A prospective study with medical students of all years at the University of Pittsburgh School of Medicine found that the students with higher sleep quality experienced less academic Burnout(29). In another prospective study, thirty-four first-year medical students from a southern, urban medical school in the U.S. were evaluated using the variables of sleepiness (Stanford Sleepiness Scale) and Burnout (MBI-SS). Sleepiness from working 12 h shifts resulted in decreased empathy and increased Burnout(35).

An interventional study with 55 first- and second-year medical students submitted to two-week, sunrise alarm clock intervention in combination with electronic device removal at bedtime identified an improving sleep quality and reducing Burnout scores(36).

Unlike the BS prevalence rate found in the present study (9.2%), a prevalence of 35.2% was found in a study with 4,402 U.S. medical students(37). This divergence may be due to differences in the presence of stressors, sense of personal fulfillment and opportunities for professional performance. Another possibility for this divergence was the use of two single-item measures adapted from the full instrument to identify BS by the authors of this study.

In U.K. universities, 26.7% of medical students met the criteria to be considered "burned out", positively associated with year of study. The differences in BS reported and the prevalence in the present study may be due to low response rate and possible differences in course structure(5).

The heterogeneity in the BS prevalence rate between the various studies is expected, and is due, in part, to the lack of consensus in the interpretation of the instruments for identifying this condition(38).

There are limitations to this study: non-inclusion of medical clerkship students, who are likely to suffer from greater mental and physical demands, and the cross-sectional design of the study, which does not allow to determine the cause-and-effect relationships between sleep quality and emotional exhaustion. In addition, the generalization of the findings should be cautious, as the study was only conducted in a single University Center. Future studies may adjust these limitations.

Despite these limitations, this study was important because it showed a relevant association between sleep quality and Burnout syndrome. In addition, there is currently a dearth of research on this association.

There appears to be an association between intolerance of ambiguity, that is, the ability to tolerate the lack of reliable, credible or adequate information, and reduced psychological well-being in medical students and doctors. Workplace cultures and environments might be designed to reduce the likelihood that an individual's intolerance of ambiguity progresses to problems with their psychological well-being, like increasing the provision of supervision(38-39).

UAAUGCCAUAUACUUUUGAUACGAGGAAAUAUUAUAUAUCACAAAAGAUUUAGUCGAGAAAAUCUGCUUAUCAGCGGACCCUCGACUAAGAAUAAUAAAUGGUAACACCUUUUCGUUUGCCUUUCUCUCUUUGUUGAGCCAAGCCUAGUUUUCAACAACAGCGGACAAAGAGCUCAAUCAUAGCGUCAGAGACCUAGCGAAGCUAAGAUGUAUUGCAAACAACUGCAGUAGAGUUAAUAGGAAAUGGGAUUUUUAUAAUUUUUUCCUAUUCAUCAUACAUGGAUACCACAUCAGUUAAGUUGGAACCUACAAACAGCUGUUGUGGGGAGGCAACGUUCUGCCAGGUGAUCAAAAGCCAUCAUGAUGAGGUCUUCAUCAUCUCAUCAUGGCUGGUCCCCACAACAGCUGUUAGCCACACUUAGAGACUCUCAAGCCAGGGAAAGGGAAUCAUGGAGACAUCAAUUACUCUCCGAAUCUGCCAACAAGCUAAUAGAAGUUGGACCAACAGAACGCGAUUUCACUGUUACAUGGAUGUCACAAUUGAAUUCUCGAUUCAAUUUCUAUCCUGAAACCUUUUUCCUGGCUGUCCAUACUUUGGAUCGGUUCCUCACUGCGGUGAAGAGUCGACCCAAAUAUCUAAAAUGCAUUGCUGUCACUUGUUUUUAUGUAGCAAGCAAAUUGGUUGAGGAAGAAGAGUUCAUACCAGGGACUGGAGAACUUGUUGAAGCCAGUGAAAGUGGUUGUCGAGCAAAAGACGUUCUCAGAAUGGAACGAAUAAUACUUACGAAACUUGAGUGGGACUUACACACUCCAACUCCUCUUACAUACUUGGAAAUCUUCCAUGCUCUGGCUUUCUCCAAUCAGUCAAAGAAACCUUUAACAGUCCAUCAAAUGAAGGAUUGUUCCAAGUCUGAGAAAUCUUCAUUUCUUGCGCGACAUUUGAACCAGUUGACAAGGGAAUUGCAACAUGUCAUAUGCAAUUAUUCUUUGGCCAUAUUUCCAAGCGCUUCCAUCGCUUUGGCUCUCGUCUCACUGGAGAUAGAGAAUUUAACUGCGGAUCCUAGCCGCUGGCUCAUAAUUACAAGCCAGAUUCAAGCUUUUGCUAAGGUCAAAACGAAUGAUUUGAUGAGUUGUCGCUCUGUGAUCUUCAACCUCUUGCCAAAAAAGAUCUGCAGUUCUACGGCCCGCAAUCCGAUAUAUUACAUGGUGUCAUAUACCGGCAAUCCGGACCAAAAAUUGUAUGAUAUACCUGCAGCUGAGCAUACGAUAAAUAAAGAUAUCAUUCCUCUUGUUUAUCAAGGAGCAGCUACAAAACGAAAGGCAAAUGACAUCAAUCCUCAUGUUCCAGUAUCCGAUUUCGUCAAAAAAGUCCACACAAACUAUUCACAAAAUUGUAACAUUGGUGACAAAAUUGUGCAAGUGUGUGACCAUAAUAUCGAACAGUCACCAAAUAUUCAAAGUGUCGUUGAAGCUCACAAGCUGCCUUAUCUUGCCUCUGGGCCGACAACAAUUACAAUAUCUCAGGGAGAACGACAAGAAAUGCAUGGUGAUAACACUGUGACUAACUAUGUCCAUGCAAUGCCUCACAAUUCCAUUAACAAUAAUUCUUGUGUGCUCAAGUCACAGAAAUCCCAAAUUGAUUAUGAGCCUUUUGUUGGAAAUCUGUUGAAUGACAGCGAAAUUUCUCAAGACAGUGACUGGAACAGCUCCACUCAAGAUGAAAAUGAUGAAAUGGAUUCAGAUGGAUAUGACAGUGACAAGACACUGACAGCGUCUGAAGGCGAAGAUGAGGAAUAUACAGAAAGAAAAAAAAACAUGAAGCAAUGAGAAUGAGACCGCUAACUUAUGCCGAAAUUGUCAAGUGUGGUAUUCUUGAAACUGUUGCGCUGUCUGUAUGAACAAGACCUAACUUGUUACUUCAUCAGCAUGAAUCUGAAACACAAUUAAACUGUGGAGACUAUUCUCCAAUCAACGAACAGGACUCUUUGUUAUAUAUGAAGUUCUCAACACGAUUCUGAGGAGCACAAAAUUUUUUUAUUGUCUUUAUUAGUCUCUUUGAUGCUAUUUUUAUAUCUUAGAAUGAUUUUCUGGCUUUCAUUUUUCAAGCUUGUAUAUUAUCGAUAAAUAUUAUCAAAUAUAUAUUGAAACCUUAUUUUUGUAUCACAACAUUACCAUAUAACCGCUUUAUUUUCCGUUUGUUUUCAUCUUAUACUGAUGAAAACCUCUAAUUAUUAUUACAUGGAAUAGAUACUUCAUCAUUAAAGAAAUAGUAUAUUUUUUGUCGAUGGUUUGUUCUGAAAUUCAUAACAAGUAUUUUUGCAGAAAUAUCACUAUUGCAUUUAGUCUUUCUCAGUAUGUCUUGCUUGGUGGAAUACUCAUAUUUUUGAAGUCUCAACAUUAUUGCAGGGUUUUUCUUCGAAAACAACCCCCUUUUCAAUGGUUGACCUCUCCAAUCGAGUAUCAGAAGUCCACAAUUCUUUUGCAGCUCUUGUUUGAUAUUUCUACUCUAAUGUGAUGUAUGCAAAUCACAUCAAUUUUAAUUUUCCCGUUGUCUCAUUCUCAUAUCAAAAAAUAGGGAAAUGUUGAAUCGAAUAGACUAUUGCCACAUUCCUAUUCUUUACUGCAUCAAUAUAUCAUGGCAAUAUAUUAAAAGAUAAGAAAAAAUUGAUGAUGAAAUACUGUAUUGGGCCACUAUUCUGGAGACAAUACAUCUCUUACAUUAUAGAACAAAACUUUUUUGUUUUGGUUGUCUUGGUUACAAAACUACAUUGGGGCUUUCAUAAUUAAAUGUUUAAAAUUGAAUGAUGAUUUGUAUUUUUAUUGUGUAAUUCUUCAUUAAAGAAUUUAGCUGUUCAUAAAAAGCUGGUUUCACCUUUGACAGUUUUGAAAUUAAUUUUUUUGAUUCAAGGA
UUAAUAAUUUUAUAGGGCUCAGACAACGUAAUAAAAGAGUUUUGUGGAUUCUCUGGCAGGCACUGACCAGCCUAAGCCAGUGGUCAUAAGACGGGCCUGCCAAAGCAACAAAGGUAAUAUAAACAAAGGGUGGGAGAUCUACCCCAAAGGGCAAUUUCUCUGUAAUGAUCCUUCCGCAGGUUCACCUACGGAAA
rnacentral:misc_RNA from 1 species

This study identified an association between BS, use of hypnotics and poor sleep quality among medical students. Further studies are necessary to identify opportunities for interventions against BS and their impact on sleep quality among undergraduate students.

 

References

 

 

Corresponding author:
Arnaldo Aires Peixoto Junior
E-mail: arnaldoapj@gmail.com

Received: Oct 26th 2020
Accepted: Dec 18th 2020

 

 

Author's contribution
Study concept and design: Emmanuella Passos Chaves Rocha, Talita Mendes Bezerra Ximenes, Priscila Brasil de Carvalho Rocha, Arnaldo Aires Peixoto Junior.
Obtaining data: Emmanuella Passos Chaves Rocha, Talita Mendes Bezerra Ximenes, Priscila Brasil de Carvalho Rocha, Arnaldo Aires Peixoto Junior.
Data analysis and interpretation: Emmanuella Passos Chaves Rocha, Talita Mendes Bezerra Ximenes, Priscila Brasil de Carvalho Rocha, Marcos Kubrusly, Raquel Autran Coelho Peixoto, Arnaldo Aires Peixoto Junior.
Statistical analysis: Emmanuella Passos Chaves Rocha, Talita Mendes Bezerra Ximenes, Priscila Brasil de Carvalho Rocha, Arnaldo Aires Peixoto Junior.
Drafting the manuscript: Emmanuella Passos Chaves Rocha, Talita Mendes Bezerra Ximenes, Priscila Brasil de Carvalho Rocha, Marcos Kubrusly, Raquel Autran Coelho Peixoto, Arnaldo Aires Peixoto Junior.
Critical review of the manuscript as to its relevant intellectual content: Emmanuella Passos Chaves Rocha, Talita Mendes Bezerra Ximenes, Priscila Brasil de Carvalho Rocha, Marcos Kubrusly, Raquel Autran Coelho Peixoto, Arnaldo Aires Peixoto Junior.
All authors approved the final version of the text.
Conflict of interest: the authors have declared that there is no conflict of interest.

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Corresponding author:
Arnaldo Aires Peixoto Junior
E-mail: arnaldoapj@gmail.com

Received: Oct 26th 2020
Accepted: Dec 18th 2020

 

 

Author's contribution
Study concept and design: Emmanuella Passos Chaves Rocha, Talita Mendes Bezerra Ximenes, Priscila Brasil de Carvalho Rocha, Arnaldo Aires Peixoto Junior.
Obtaining data: Emmanuella Passos Chaves Rocha, Talita Mendes Bezerra Ximenes, Priscila Brasil de Carvalho Rocha, Arnaldo Aires Peixoto Junior.
Data analysis and interpretation: Emmanuella Passos Chaves Rocha, Talita Mendes Bezerra Ximenes, Priscila Brasil de Carvalho Rocha, Marcos Kubrusly, Raquel Autran Coelho Peixoto, Arnaldo Aires Peixoto Junior.
Statistical analysis: Emmanuella Passos Chaves Rocha, Talita Mendes Bezerra Ximenes, Priscila Brasil de Carvalho Rocha, Arnaldo Aires Peixoto Junior.
Drafting the manuscript: Emmanuella Passos Chaves Rocha, Talita Mendes Bezerra Ximenes, Priscila Brasil de Carvalho Rocha, Marcos Kubrusly, Raquel Autran Coelho Peixoto, Arnaldo Aires Peixoto Junior.
Critical review of the manuscript as to its relevant intellectual content: Emmanuella Passos Chaves Rocha, Talita Mendes Bezerra Ximenes, Priscila Brasil de Carvalho Rocha, Marcos Kubrusly, Raquel Autran Coelho Peixoto, Arnaldo Aires Peixoto Junior.
All authors approved the final version of the text.
Conflict of interest: the authors have declared that there is no conflict of interest.